“Honestly some days if I’m by myself with him and you’re just cooked because you’ve had 47 minutes of non-consecutive sleep, mate 18 consecutive episodes of Bluey? Fine! As long as it’s not every day, just do it,” he says of embracing the survive not thrive mentality of those more challenging periods of parenthood.

The star also isn’t afraid to admit that having young kids puts a lot of pressure on your relationship but he has some wise words of wisdom to anyone else feeling the strain – it’s not forever.

“It’s foolish to think that it’s always going to be amazing, because it’s not all chocolate-covered strawberries, and balcony sex, it’s hard sometimes. And you’ve got to appreciate that, and it doesn’t last forever,” he says, in reference to those picture-perfect Bachelor dates he so famously gets to narrate.

“I think we’re doing as well as any other couple that does at this point. You know, we get hit with a challenge and then we’re knocked around for a second and when we rise to them, we figure it out.”

Indeed Osher says his wife Audrey, who he met on the set of The Bachelor in 2014 and married in 2017, is his greatest inspiration.

“I just take all of my lessons from her. She is an extraordinary mother.”

Osher has always been open and honest about his mental health and admits that as the birth of Wolfie approached in 2019, he decided to get back on his medication. It’s a decision that he says has changed the course of his life for the better.

“As the birth approached, my thinking got more and more rigid. I started to get shorter and more difficult and became a lot harder for me to change direction and, or see a situation from a different point of view. And Audrey just took one look at me and said: ‘I need you to go back to your doctor and get back on meds because I need you to be around cause this isn’t going to be okay.’ The next day, I was at my doctor and I was back on it. And thank God! Meds are interesting because they just give you the space to do the work.”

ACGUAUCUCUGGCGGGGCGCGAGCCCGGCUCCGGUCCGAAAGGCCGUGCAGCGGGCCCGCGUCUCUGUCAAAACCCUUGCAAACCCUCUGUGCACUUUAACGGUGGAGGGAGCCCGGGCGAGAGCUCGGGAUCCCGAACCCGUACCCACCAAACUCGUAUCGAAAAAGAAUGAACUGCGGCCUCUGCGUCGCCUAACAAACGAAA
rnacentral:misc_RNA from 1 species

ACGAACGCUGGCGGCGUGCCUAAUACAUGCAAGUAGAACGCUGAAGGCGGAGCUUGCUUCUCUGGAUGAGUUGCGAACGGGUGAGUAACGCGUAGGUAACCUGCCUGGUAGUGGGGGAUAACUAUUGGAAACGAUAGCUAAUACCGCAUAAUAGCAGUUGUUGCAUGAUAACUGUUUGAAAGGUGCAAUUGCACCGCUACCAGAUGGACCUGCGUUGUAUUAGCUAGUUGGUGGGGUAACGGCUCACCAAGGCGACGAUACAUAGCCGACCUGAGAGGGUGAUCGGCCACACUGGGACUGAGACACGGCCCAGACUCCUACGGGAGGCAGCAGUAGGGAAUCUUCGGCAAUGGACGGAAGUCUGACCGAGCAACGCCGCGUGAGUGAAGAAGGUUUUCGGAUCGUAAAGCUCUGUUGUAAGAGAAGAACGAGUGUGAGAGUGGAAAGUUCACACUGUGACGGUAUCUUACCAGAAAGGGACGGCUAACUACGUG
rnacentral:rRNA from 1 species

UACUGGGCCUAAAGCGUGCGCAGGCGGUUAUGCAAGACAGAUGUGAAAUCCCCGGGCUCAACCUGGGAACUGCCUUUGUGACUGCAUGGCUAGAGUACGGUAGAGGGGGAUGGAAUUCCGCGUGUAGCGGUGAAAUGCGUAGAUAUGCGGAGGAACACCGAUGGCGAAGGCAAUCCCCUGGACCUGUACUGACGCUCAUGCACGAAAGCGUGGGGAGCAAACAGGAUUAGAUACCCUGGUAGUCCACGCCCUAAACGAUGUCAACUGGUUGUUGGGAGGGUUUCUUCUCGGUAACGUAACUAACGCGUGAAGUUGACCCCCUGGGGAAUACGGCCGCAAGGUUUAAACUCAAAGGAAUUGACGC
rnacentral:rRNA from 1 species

When it comes to managing his mental health, Osher credits exercise, writing and gratitude as the key ways he keeps his mind strong.

“Gratitude is a really big part of it, and to try to be as present as I possibly can. One of the most wonderful things I got to do with Wolf early on was walk around the block with him, just naming everything. We went to this Montessori school and one of the teachers said, ‘All the words you give them now, they’ll use them in a year. Just give them language.’ We’d walk around and I’d say, ‘It isn’t a tree, it’s a Melaleuca. It’s not a bird, it’s a magpie. It’s not a flower, it’s a frangipani. And just by taking a 15-minute walk around the block, naming everything with Wolfie, being that present, it’s an extraordinary thing!”

Being present is perhaps the biggest lesson Wolfie has taught him.

“You just don’t want to miss him. There’s no email, there’s no Instagram picture, there’s no tweet that is more important than that moment. You don’t want to not be in that moment.” “Understanding that they’re literally only going to be this small, this size, this attitude, for this day. Tomorrow will be completely different. So if it’s cute and adorable, you better enjoy it. Because by this afternoon, it might never happen again. And if that doesn’t draw you into the joy of the present moment, which is really all we’ve got is this moment, then I don’t know what will.”